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social sciences

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Conservative, or liberal, Quakers adhere to earlier versions of Quakerism, believing that the Inner Light shines in every human being and that unprogrammed worship--gathering silently together, until one friend feels the spirit of God move him or her to share testimony--allows Quakers to experience and share this light with their peers. In the twentieth century they have also grown to view the Bible much less literally than their orthodox counterparts and stress the potential divinity in each person over the dominant narrative of Christ.

These differences help account for the diversity of opinion in the American Quaker community about homosexuality. Evangelical Quakers in the United States and around the world resemble other more conservative religions in their view that homosexuality should not be accepted nor should same-sex unions be celebrated. For example, in 1992, the Friends Church Southwest Yearly Meeting issued a statement declaring, "We reject and utterly oppose homosexual activity, especially the 'blessing' of same sex unions, as sinful and displeasing to our Lord and Savior, Jesus Christ."

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In contrast, conservative Quaker communities have extended welcome and acceptance to gay men and lesbians. Many Quaker meetings have passed resolutions in favor of equal rights for glbtq people, including recognition of same-sex unions. As early as 1986, for example, the Beacon Hill, Massachusetts Meeting affirmed "the goodness of committed, loving relationships and offers recognition and support to those who share this ideal and desire to enter into a permanent relationship based upon it . . . . The same loving care and consideration should be given to both same-sex and heterosexual applicants as outlined in Faith and Practice."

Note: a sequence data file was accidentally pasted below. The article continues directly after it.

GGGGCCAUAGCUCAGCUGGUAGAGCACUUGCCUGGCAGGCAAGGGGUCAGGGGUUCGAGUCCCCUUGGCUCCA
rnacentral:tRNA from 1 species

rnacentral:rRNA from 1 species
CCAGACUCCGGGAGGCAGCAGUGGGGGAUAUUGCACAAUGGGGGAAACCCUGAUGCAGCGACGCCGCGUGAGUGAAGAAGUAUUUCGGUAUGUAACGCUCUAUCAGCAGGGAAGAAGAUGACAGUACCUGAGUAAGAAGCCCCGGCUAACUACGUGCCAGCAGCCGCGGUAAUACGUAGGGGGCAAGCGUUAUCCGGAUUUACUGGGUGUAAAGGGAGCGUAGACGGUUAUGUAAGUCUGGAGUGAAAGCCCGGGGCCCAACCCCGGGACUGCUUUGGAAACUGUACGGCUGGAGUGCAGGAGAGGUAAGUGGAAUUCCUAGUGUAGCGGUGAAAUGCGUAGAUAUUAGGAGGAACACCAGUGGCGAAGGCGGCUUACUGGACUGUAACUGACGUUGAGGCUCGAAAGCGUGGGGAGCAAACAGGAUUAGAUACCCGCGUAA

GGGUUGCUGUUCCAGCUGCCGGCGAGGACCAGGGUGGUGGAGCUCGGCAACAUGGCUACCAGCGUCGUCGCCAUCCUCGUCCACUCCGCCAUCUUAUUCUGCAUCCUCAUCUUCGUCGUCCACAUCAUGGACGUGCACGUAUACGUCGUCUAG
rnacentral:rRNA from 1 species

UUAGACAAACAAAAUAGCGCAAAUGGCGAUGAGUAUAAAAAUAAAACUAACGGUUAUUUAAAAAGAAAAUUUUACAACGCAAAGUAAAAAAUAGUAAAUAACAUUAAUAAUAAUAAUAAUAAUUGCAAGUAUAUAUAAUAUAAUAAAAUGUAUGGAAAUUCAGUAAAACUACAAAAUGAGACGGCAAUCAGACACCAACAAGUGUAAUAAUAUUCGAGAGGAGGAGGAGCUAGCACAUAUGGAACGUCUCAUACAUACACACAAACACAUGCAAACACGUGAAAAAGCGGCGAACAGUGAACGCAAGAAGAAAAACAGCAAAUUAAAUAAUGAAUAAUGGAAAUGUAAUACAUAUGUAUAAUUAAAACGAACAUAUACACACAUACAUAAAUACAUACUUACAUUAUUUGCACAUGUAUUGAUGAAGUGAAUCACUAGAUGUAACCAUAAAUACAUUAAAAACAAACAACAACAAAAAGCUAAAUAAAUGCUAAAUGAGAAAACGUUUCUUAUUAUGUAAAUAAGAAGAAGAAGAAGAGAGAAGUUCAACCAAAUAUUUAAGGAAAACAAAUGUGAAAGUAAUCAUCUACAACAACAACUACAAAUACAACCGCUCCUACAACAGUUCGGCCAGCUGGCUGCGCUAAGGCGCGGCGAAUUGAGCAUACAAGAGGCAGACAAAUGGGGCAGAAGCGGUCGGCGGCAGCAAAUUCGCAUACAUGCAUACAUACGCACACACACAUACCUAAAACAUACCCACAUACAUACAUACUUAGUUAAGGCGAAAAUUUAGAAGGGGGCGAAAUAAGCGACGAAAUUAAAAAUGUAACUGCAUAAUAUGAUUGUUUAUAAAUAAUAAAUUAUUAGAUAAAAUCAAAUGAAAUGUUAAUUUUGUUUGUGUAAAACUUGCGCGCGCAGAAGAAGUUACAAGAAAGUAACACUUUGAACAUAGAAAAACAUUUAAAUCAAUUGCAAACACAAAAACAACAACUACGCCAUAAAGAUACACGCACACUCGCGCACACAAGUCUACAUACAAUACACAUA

Overall, Quakers who worship in the tradition of the original Quakers of the seventeenth and eighteenth centuries have responded to homosexuality with compassion and sometimes complete acceptance.

Geoffrey W. Bateman

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social sciences >> Overview:  Anglicanism / Episcopal Church

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social sciences >> Anthony, Susan B.

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Abbott, Margery Post, et al. Historical Dictionary of the Friends (Quakers). Lanham, Md.: Scarecrow Press, 2003.

Bacon, Margaret Hope. The Quiet Rebels: The Story of Quakers in America. Wallingford, Pa.: Pendle Hill Publications, 1999.

Haines, James. "Quakers." Gay Histories and Cultures. George E. Haggerty, ed. New York: Garland Publishing, Inc. 2000. 721-23.

Heron, Alastair, ed. Towards a Christian View of Sex. London: Friends Service Committee, 1963.

Hogan, Steve, and Lee Hudson. "Quakers." Completely Queer: The Gay and Lesbian Encyclopedia. New York: Henry Holt and Company, 1998.

"The Society of Friends and Homosexuality."


    Citation Information
    Author: Bateman, Geoffrey W.  
    Entry Title: Quakers  
    General Editor: Claude J. Summers  
    Publication Name: glbtq: An Encyclopedia of Gay, Lesbian, Bisexual,
Transgender, and Queer Culture
    Publication Date: 2004  
    Date Last Updated December 14, 2006  
    Web Address  
    Publisher glbtq, Inc.
1130 West Adams
Chicago, IL   60607
    Today's Date  
    Encyclopedia Copyright: © 2002-2006, glbtq, Inc.  
    Entry Copyright © 2004, glbtq, inc.  


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